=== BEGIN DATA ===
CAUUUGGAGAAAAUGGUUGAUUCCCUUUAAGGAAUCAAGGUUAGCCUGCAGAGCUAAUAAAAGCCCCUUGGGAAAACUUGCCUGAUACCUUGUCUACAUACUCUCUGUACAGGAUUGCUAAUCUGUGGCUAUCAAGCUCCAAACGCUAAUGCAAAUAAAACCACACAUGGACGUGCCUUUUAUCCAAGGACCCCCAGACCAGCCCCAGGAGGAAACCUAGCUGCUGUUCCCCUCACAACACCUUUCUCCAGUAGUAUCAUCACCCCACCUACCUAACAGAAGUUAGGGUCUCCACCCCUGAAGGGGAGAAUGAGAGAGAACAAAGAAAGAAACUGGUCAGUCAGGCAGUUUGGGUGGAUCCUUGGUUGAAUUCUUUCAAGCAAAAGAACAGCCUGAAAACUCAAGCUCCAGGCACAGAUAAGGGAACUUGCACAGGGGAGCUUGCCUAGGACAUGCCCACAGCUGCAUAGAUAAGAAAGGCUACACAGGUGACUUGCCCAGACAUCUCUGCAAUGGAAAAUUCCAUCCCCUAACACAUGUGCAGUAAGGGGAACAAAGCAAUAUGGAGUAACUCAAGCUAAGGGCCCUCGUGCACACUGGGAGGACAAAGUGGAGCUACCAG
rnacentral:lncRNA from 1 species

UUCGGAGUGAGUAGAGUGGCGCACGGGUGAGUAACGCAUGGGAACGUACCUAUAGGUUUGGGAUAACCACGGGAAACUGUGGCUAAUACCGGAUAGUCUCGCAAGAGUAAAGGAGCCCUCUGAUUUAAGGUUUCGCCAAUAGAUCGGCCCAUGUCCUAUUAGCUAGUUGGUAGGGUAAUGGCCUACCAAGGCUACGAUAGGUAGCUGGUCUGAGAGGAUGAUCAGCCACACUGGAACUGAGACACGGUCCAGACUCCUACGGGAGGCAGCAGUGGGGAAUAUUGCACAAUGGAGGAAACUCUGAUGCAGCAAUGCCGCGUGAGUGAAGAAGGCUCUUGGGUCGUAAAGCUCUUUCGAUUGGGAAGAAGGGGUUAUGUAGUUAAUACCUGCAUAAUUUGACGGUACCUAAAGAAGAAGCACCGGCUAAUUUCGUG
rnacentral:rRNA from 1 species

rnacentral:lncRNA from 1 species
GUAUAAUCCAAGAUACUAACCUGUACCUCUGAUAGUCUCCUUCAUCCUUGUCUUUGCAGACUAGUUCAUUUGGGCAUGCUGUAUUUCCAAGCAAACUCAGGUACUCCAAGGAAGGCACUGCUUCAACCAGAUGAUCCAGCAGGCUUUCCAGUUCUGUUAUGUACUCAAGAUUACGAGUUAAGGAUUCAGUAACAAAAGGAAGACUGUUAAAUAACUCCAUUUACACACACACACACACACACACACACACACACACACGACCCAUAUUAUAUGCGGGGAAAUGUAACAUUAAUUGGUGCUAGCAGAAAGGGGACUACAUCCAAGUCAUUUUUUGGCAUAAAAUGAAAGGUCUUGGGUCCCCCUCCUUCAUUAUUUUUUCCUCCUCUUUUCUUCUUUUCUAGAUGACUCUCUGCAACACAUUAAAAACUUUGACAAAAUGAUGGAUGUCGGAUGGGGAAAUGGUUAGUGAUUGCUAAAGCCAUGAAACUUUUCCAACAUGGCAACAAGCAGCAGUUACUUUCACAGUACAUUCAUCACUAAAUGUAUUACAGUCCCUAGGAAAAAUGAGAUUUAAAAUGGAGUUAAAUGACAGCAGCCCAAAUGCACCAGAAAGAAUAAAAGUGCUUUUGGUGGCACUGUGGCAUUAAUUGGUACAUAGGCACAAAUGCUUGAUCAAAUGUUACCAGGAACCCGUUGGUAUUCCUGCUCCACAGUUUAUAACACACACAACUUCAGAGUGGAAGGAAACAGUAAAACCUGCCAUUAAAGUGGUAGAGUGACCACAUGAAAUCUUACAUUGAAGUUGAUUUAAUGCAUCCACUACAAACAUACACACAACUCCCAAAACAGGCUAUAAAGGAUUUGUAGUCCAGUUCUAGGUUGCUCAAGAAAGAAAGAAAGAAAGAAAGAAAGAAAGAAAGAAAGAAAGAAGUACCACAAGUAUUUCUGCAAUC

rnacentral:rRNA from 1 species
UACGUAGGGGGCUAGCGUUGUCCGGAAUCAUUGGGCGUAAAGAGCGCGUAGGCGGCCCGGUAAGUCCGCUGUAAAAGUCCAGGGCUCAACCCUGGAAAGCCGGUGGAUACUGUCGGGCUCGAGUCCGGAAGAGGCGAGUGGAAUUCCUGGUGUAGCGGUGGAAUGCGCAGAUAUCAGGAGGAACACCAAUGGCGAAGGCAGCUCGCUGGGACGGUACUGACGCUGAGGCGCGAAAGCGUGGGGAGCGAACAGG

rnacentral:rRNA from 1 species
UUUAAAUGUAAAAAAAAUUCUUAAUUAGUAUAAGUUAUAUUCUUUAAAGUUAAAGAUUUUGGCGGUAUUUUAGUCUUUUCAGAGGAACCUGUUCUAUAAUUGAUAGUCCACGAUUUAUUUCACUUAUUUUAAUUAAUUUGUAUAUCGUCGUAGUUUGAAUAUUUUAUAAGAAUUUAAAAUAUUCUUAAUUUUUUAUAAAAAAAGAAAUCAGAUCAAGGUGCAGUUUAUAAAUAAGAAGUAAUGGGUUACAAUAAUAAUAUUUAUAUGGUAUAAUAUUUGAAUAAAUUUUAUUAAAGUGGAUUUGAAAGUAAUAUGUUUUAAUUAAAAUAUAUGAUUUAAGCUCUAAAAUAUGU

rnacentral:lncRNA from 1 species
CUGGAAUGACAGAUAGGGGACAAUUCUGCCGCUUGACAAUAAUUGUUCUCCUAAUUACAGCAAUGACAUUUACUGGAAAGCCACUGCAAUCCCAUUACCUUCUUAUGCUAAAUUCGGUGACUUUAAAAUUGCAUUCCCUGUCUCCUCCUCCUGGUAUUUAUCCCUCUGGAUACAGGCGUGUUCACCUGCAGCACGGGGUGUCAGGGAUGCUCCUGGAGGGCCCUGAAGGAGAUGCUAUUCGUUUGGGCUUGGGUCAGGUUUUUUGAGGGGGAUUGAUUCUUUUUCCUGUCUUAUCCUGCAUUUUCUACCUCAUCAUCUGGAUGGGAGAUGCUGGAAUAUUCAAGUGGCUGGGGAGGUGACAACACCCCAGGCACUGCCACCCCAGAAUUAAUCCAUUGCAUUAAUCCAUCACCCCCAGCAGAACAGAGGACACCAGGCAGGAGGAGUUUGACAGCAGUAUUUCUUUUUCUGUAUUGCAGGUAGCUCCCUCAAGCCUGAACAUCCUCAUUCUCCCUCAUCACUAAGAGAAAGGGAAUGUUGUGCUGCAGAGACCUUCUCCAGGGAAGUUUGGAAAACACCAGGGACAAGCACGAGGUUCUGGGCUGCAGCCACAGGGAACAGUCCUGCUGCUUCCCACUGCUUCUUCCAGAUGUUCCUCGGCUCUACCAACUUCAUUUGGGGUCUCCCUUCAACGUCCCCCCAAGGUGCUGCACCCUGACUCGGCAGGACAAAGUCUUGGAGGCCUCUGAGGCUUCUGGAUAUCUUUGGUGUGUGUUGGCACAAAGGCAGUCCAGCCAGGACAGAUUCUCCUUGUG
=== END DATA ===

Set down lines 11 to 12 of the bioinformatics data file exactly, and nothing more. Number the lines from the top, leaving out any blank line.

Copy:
rnacentral:lncRNA from 1 species
CUGGAAUGACAGAUAGGGGACAAUUCUGCCGCUUGACAAUAAUUGUUCUCCUAAUUACAGCAAUGACAUUUACUGGAAAGCCACUGCAAUCCCAUUACCUUCUUAUGCUAAAUUCGGUGACUUUAAAAUUGCAUUCCCUGUCUCCUCCUCCUGGUAUUUAUCCCUCUGGAUACAGGCGUGUUCACCUGCAGCACGGGGUGUCAGGGAUGCUCCUGGAGGGCCCUGAAGGAGAUGCUAUUCGUUUGGGCUUGGGUCAGGUUUUUUGAGGGGGAUUGAUUCUUUUUCCUGUCUUAUCCUGCAUUUUCUACCUCAUCAUCUGGAUGGGAGAUGCUGGAAUAUUCAAGUGGCUGGGGAGGUGACAACACCCCAGGCACUGCCACCCCAGAAUUAAUCCAUUGCAUUAAUCCAUCACCCCCAGCAGAACAGAGGACACCAGGCAGGAGGAGUUUGACAGCAGUAUUUCUUUUUCUGUAUUGCAGGUAGCUCCCUCAAGCCUGAACAUCCUCAUUCUCCCUCAUCACUAAGAGAAAGGGAAUGUUGUGCUGCAGAGACCUUCUCCAGGGAAGUUUGGAAAACACCAGGGACAAGCACGAGGUUCUGGGCUGCAGCCACAGGGAACAGUCCUGCUGCUUCCCACUGCUUCUUCCAGAUGUUCCUCGGCUCUACCAACUUCAUUUGGGGUCUCCCUUCAACGUCCCCCCAAGGUGCUGCACCCUGACUCGGCAGGACAAAGUCUUGGAGGCCUCUGAGGCUUCUGGAUAUCUUUGGUGUGUGUUGGCACAAAGGCAGUCCAGCCAGGACAGAUUCUCCUUGUG